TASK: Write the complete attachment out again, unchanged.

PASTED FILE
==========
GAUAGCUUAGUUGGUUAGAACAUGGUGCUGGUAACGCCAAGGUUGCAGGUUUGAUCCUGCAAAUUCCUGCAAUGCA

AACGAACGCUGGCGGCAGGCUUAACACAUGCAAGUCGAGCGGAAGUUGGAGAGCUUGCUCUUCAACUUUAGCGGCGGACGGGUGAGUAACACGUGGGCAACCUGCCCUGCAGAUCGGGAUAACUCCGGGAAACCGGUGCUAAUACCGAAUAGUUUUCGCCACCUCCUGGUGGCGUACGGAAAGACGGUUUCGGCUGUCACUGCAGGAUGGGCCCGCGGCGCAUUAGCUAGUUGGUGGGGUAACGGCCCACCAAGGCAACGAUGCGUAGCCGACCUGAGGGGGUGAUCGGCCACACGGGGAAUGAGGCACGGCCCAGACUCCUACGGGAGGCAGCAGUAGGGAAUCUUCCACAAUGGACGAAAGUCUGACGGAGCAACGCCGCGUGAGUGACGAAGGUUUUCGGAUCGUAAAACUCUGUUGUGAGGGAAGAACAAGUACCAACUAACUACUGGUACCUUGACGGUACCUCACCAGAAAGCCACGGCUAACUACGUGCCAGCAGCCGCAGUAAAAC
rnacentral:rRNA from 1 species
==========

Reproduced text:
GAUAGCUUAGUUGGUUAGAACAUGGUGCUGGUAACGCCAAGGUUGCAGGUUUGAUCCUGCAAAUUCCUGCAAUGCA

AACGAACGCUGGCGGCAGGCUUAACACAUGCAAGUCGAGCGGAAGUUGGAGAGCUUGCUCUUCAACUUUAGCGGCGGACGGGUGAGUAACACGUGGGCAACCUGCCCUGCAGAUCGGGAUAACUCCGGGAAACCGGUGCUAAUACCGAAUAGUUUUCGCCACCUCCUGGUGGCGUACGGAAAGACGGUUUCGGCUGUCACUGCAGGAUGGGCCCGCGGCGCAUUAGCUAGUUGGUGGGGUAACGGCCCACCAAGGCAACGAUGCGUAGCCGACCUGAGGGGGUGAUCGGCCACACGGGGAAUGAGGCACGGCCCAGACUCCUACGGGAGGCAGCAGUAGGGAAUCUUCCACAAUGGACGAAAGUCUGACGGAGCAACGCCGCGUGAGUGACGAAGGUUUUCGGAUCGUAAAACUCUGUUGUGAGGGAAGAACAAGUACCAACUAACUACUGGUACCUUGACGGUACCUCACCAGAAAGCCACGGCUAACUACGUGCCAGCAGCCGCAGUAAAAC
rnacentral:rRNA from 1 species